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Ahl al-Ḥall Wa-al-ʿAqd

By:
Wael B. Hallaq
Source:
The Oxford Encyclopedia of the Islamic World What is This? Provides comprehensive scholarly coverage of the full geographical and historical extent of Islam

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Ahl al-Ḥall Wa-al-ʿAqd

Those who are qualified to act on behalf of the Muslim community in electing a caliph are known as ahl al-ḥall wa-al-ʿaqd (the people who loose and bind; less frequently, ahl al-ʿaqd wa-al-ḥall). In medieval political theory, their main function was contractual, namely, to offer the office of caliphate to the most qualified person and, upon his acceptance, to administer to him an oath of allegiance (bayʿah). They were also entrusted with deposing him should he not fulfill his duties. They must be Muslim, of age, just, free, and capable of exercising ijtihād (interpretation of religious sources). The implication of the last requirement is that ahl al-ḥall wa-al-ʿaqd are jurists of the highest caliber, whose consensus is binding.

In the absence of any revealed text stipulating the number of ahl al-ḥall wa-al-ʿaqd, scholars were in disagreement concerning this issue. Some argued that there must be sufficient to represent all regions of the Islamic empire. The prevailing opinion, however, seems to have been that one person suffices; this reflects the historical reality in which a caliph normally designated his successor. Since the caliph appointed by ahl al-ḥall wa-al-ʿaqd must enjoy the same qualifications required of the members of the appointing body, the caliph himself was deemed a most qualified member, who might alone designate a successor. This is perhaps why some Muslim political theorists, such as the eleventh-century Shāfiʿī jurist al-Māwardī, maintain that the bayʿah of ahl al-ḥall wa-al-ʿaqd is a subsidiary process, resorted to when the caliph fails to appoint an heir.

Theory diverged from practice in at least one respect. In later times, military commanders played the role of ahl al-ḥall wa-al-ʿaqd, although they did not fulfill the theoretical qualifications. Most notably, they were not deemed mujtahids (interpreters of the law) and were thus not empowered to form a consensus on behalf of the Muslim community. Their assumption of this role was finally justified on the basis of public interest (maṣlaḥah), mainly in terms of the doctrine that however objectionable the appointments of military commanders may be, they are preferable to a situation in which the community is left without leaders.

The title ahl al-ḥall wa-al-ʿaqd has gained particular significance in modern political thought. The title is now intimately connected with an expanded meaning of shūrā, a term that previously meant consultation among the oligarchs on political matters, including the appointment of a caliph. In nineteenth- and particularly twentieth-century political thought, the ahl al-ḥall, through the medium of shūrā, speak for the full community. Khayr al-Dīn al-Tūnisī (d. 1889), a Tunisian reformer, equates ahl al-ḥall with a European-style parliament, and Muḥammad Rashīd Riḍā (d. 1935) entrusts them with powers to elect and depose rulers by virtue of their influential status in the community and their mutual consultation. Their decisions, though they may be at variance with those of the ruler, are binding upon him because ahl al-ḥall are the deputies of the community and express its will. For Rashīd Riḍā the ruler thus becomes subservient to ahl al-ḥall, who express through their consultation the will of the community on matters of public law and policy. More recent political thinkers deem the ruler a servant of the people, elected by a process of consultation whose medium is ahl al-ḥall. No rule, they argue, can be legitimate unless it is based on this process. See also BAYʿAH and IJTIHāD.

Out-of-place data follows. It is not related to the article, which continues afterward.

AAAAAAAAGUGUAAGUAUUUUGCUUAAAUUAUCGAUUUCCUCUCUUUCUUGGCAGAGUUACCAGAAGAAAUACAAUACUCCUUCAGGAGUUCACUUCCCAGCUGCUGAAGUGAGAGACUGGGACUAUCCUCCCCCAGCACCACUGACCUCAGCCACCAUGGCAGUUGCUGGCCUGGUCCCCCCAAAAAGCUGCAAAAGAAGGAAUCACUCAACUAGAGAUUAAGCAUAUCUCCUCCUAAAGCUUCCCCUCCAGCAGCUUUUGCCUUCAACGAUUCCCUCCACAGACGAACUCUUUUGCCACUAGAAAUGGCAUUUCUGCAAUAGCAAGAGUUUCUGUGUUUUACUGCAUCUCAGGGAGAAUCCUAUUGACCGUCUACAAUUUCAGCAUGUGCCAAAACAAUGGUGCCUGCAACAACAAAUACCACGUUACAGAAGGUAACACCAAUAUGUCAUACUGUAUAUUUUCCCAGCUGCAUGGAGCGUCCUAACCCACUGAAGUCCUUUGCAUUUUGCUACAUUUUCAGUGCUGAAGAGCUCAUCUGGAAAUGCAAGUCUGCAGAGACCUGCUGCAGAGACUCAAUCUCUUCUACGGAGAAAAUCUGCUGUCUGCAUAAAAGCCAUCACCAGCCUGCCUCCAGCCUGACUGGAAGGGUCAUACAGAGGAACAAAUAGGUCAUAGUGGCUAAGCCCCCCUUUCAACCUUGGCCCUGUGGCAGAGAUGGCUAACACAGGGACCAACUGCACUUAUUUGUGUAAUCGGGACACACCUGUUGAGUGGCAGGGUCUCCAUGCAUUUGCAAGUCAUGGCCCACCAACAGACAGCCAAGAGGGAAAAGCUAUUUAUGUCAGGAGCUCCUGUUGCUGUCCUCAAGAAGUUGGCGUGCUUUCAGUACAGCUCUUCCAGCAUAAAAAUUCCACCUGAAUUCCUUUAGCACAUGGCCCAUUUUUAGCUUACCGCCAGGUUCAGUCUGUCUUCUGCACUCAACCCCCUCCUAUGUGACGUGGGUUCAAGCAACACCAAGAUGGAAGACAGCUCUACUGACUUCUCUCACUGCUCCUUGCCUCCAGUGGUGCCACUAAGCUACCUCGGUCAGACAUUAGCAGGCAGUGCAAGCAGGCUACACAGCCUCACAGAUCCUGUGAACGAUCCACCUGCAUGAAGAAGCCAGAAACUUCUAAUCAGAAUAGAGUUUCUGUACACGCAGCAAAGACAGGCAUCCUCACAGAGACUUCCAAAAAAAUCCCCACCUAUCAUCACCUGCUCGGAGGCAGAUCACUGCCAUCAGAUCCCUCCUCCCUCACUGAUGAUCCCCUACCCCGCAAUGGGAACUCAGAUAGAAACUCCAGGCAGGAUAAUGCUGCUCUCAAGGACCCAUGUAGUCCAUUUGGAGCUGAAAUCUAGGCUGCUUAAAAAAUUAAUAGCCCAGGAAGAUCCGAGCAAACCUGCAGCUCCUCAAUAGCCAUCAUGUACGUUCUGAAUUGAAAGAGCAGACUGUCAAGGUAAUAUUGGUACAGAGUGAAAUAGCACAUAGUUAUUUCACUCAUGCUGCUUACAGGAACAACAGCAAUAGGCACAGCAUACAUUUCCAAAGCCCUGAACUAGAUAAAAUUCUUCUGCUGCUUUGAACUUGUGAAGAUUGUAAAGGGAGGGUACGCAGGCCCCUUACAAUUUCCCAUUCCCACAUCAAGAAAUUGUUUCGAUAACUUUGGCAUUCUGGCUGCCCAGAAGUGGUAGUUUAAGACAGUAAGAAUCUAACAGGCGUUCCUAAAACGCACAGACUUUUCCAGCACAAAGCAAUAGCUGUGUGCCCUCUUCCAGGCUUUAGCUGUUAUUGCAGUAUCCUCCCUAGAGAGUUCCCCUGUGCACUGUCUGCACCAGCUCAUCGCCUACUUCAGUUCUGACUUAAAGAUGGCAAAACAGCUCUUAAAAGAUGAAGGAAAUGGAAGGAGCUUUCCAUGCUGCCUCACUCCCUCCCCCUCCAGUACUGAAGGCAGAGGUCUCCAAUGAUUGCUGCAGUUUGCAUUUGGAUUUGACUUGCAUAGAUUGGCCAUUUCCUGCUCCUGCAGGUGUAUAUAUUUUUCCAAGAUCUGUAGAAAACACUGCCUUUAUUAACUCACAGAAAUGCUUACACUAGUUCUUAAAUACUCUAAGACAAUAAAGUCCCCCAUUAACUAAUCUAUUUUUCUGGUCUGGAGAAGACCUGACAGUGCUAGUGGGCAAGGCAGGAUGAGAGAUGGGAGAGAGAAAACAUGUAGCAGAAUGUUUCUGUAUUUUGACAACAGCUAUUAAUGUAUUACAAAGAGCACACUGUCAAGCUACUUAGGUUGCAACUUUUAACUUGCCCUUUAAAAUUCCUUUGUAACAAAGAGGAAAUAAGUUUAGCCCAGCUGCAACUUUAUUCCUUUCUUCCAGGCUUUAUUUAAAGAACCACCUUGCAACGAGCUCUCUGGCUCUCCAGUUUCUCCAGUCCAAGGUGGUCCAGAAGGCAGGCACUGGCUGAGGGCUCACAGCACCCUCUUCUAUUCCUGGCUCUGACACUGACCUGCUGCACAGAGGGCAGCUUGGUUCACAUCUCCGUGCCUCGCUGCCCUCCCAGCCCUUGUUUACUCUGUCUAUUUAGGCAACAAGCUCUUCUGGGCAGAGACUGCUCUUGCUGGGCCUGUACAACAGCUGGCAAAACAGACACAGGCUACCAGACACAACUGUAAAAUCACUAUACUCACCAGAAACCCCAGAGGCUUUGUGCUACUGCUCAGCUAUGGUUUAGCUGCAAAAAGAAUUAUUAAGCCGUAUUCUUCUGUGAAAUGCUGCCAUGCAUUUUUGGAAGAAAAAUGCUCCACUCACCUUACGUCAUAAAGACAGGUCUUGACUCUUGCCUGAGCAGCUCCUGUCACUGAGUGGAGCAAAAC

Bibliography

  • Crone, Patricia. God's Rule: Government, and Islam: Six Centuries of Medieval Islamic Political Thought. New York: Columbia University Press, 2004.
  • Faḍl Allāh, Mahdī. Al-Shūrā: Ṭabīʿat al-Ḥākimiyah fī al-Islām (The Shūrā: The Nature of Sovereignty in Islam). Beirut: Dār al-Andalus, 1984.
  • Kurzman, Charles, ed. Modernist Islam, 1840–1940: A Sourcebook. Oxford: Oxford University Press, 2002.
  • Kerr, Malcolm H.Islamic Reform: The Political and Legal Theories of Muḥammad ʿAbduh and Rashīd Riḍā. Berkeley: University of California Press, 1966, pp. 34–36, 159–165, 183.
  • Lambton, Ann K. S.State and Government in Medieval Islam. Oxford and New York: Oxford University Press, 1981. Summarizes the theories of various medieval scholars on the subject. See pages 18, 73, 89, 105, 111–114, 139, 141, 184, 311.
  • Māwardī, Abū al-Ḥasan ʿAlī ibn Muḥammad al-. Al-Aḥkām al-Sulṭānīyah (The Laws of the Caliphate). Edited by M. Engri. Bonn, 1853. Translated from the French by Léon Ostrorog as Le droit du Califat. Paris: Éditions Leroux, 1925. Well-known classical work on constitutional theory. See pages 6–7, 21–22.
  • Meri, Josef W., ed. Medieval Islamic Civilization: An Encyclopedia. 2 vols.London: Routledge, 2006.
  • Shaltūt, Maḥmūd. Min Tawjīhāt al-Islām (Concerning the Guiding Principles of Islam). 7th ed.Cairo and Beirut: Dār al-Shurūq, 1983, pp. 471ff.
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